Wayang kulit, the shadow theater of Bali, is one of the longest running theatrical spectacles the world has known. For centuries it has survived changes in politics, ideology and fashion - continually renewing itself and providing the Balinese with a unique vision of the world and of themselves.
The elements of the performance are simplicity itself. a white screen, a flame, music, and flat puppets that move and tell a story. Balinese audiences delight in seeing their favorite characters in familiar predicaments. There is the braggart caught in his own lies, the old fool who isn't so foolish, the invincible hero who needs to be rescued, the gods needing help from humans, and of course the beautiful princess - abducted, rescued and stolen back again.
The shadow puppets are made of rawhide, carved and perforated to create lacy patterns of light and dark. The puppets and screen are flat, but when all elements of a performance are in place - flickering firelight, gamelan music, voice and movement - they take on an unearthly dimension.
The characters are all recognizable at a glance by their headdresses, costumes and facial characteristics. There are two main types - alus and kasar. Alus means refined and controlled. Kasar is vulgar and quick to anger. Alus is not necessarily good, nor kasar bad; what is admired is the right combination of attributes at the right place and time.
A performance is usually a kind of offering that marks the completion of a ceremony. The occasion could be a wedding, a funeral, or any other major event in the life of the individual or community. In urban areas, a performance may be two hours long. In rural areas, expectations are greater and work schedules more flexible, so a performance is likely to begin after 10 pm and last three to five hours. Farmers often go directly from the performance to the fields.
Most puppeteers or dalangs in Bali specialize in wayang parwa stories from the Mahabharata myth cycle about two families in conflict over succession to the throne. Although each side has valid claims, one operates from greed and self-interest, while the other is more altruistic. The five Pandawa brothers struggle to assert their best qualities pitted against the 100 Korawas, who lust for power.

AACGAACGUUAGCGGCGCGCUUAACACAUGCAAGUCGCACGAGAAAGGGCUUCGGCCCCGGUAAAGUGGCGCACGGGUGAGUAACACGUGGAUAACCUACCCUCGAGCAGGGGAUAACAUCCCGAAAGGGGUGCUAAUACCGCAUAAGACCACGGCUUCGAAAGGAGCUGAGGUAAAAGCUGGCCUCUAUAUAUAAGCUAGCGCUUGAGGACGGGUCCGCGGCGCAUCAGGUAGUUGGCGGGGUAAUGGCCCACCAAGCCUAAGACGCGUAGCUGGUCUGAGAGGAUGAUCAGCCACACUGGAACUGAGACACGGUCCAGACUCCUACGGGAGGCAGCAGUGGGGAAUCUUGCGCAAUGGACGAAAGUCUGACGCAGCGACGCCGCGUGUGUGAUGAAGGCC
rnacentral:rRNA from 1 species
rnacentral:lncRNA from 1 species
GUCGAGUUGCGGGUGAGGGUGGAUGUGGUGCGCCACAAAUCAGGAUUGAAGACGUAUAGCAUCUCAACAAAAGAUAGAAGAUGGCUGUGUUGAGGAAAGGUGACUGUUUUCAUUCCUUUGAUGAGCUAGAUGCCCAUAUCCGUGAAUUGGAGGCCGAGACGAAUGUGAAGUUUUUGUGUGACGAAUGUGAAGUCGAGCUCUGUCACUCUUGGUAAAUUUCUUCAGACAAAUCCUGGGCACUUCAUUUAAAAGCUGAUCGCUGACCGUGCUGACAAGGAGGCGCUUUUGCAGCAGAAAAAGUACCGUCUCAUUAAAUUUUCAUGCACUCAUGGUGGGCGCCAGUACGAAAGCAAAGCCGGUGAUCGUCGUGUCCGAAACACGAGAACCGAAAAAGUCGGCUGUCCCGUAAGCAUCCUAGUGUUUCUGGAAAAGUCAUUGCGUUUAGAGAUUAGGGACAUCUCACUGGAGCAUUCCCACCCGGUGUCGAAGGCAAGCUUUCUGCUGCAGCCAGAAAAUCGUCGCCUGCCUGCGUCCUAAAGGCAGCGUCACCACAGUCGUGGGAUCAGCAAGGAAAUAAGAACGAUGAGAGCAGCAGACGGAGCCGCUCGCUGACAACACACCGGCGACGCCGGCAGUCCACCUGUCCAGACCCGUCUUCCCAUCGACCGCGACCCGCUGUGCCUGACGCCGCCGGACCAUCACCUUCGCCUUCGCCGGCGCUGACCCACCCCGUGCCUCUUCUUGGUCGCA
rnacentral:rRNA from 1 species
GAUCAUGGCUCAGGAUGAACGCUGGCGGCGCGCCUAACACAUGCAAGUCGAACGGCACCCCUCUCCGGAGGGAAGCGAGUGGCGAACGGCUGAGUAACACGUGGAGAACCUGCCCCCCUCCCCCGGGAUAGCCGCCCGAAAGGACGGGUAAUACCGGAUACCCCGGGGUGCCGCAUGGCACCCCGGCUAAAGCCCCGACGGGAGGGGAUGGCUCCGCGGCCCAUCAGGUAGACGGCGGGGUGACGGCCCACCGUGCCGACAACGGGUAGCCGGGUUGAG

An apprentice dalang will spend years following his father or teacher from one performance to another. Gradually his understanding of composition, rhetoric and humor become instinctive. He is expected to improvise in several languages, to give convincing and inventive explanations of local customs and events, and to be adept in the use of proverbs and slapstick comedy.
The shadow play group usually arrives several hours before the performance. As they chat with their host and exchange gossip, the dalang will be listening for ways to adapt the story for his audience. He never announces which story he is going to perform, reserving the right to change his mind.
In a given performance, 30 to 60 puppets are used. While the musicians play the overture, the dalang makes his selection. Antagonists are placed to his left, protagonists to his right. Major characters are placed closest to the kayon - the "tree of life" puppet that marks the beginning and end of major scenes. The shadows are purposely indistinct at this point, symbolizing that the creation of the story has begun, but that like a child in the womb, no one knows what it is going to be.
There is singing as each character is presented. The first scene is the meeting scene, where problems central to tonight's episode are introduced. It is entirely in Kawi, the ancient language of poetry, religion and theater. Then there is a sound like someone clearing his throat, followed by a slow, deliberate laugh. A hush settles over the audience as a large figure moves ponderously across the screen, and bows - this is Tualen, and for the first time, Balinese is spoken.
Tualen is one of four penasar - advisors and servants to the king, and interpreters for the audience. They are the only puppets with lips - when the dalang pulls a string attached to their jaw, it looks as if they are talking.
During the initial scene it might be revealed that an army is gathering to attack; that someone is missing, kidnapped, or stuck in a dream; that a rare object is needed to complete a ceremony, or that everyone is invited to a marriage contest. There are hundreds of possible openings. They all end with a decision to solve the problem.
In pursuit of their goal, they might journey through a forest filled with dangerous animals, visit a hermit in his cave, enlist the help of an ally, climb mountains or cross an ocean. There will be a meeting between the two sides, ending with sharp words and a battle. There might be a romantic interlude as one of the Pandawas and a beautiful enemy princess fall in love.
Ultimately, fighting ensues and magical weapons fill the air. Eagles fight snakes. Fire fights rain. Ogres change shapes, fly, and become invisible. The penasars are everywhere - fighting, arguing, joking, dodging weapons and providing a commentary which gives the musicians a chance to rest.
The dalang works furiously. His assistants try to second guess him and hand him the right puppet when he needs it. The musicians pay close attention, emphasizing each arrow shot with a resounding chord. The audience cheers, laughs and groans, gripping each other in anticipation of what is to follow.
the dalang feels the audience is satisfied, he will play a rousing battle
scene ending in victory for the right side. This is not so much the
ultimate triumph of good over evil as the re-establishment of a balance
between the two. The clowns have a last word, then the kayon appears
at the center of the screen, and the dalang utters the words: "Though
the fighting is over, the stories go on forever. We apologize for stopping
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